Flowers at Shire Hall and downtown businesses areas will continued to be watered two mornings a week but the quantity will be reduced by half.

The fountain at Picton’s cenotaph uses recirculating water from the pool at its base. Staff will shut off the make-up water (evaporation) for conservation purposes. If the fountain runs dry, it will be turned off for the duration of the low water condition.

The special council meeting starts at 10 a.m. It will be live-streamed and recorded and is available on the County’s website.

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  1. Susan says:

    Well Dennis we finally have one Commissioner down and “out”. Hopefully as most know the County is way down the list for drawing any experienced talent, we can recruit a credible replacement with a good mop!

  2. Dennis Fox says:

    Listen, a lot of what happened took place years ago, while I sat in the audience on a number of occasions following this debate, my memory is not perfect on every detail – but it is pretty accurate on most of it. Sure delays were caused by both sides (citizens and council) – but the responsibility of the process and the applying for funds were in council’s control. What didn’t help was the firing of the consulting firm TSH and paying them out a huge sum to get rid of them – which caused even more delays. On one occasion to appease the residents, they even flew out to Okotoks Alberta for a one day visit to view some eco operation – which had no impact on anything. The bottom line for me is that council knew of the pressured time lines and did nothing to avoid the mounting increase in costs – and they could have, but didn’t want to make an unpopular decision. By the time it came to build the plant the cost had almost doubled. Something that is still costing the rate payers today. Now after all this, where does it leave us? – right back here to now! So what do we do? I made at least one suggestion in an earlier comment – maybe we should all try coming up with an idea to help everyone. Just thinking out loud.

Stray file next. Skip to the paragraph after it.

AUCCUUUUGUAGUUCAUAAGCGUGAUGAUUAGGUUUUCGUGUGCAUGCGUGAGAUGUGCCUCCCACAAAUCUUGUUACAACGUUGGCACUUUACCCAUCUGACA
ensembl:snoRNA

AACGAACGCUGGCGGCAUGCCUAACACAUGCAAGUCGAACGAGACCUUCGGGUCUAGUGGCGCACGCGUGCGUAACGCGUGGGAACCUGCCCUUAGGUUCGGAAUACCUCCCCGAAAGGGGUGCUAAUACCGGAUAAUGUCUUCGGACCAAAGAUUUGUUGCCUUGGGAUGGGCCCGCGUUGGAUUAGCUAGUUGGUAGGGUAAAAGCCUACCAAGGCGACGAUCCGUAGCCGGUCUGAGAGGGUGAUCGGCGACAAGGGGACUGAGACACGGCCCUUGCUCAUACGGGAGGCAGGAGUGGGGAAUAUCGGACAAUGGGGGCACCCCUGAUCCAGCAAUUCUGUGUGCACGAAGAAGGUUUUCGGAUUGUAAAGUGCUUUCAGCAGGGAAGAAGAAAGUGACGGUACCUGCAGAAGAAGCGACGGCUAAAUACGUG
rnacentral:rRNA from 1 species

3. Emily says:

    So rather than owe 10 million we owe 30 million. Nice! Even with the appeal which are normal, senior government left us out in the cold. The council size is being appealed as well and that will cost bigtime. Council set the perfect storm for that.

  4. hockeynan says:

    Listen to John Thompson.I am sure that man knows what happened. He would not post if he was not sure

  5. John Thompson says:

    To answer the question, Council had a tender in hand to build a new sewage plant for at or about 20 million with 10 million assistance to come from senior government. This deal could not close because of an appeal.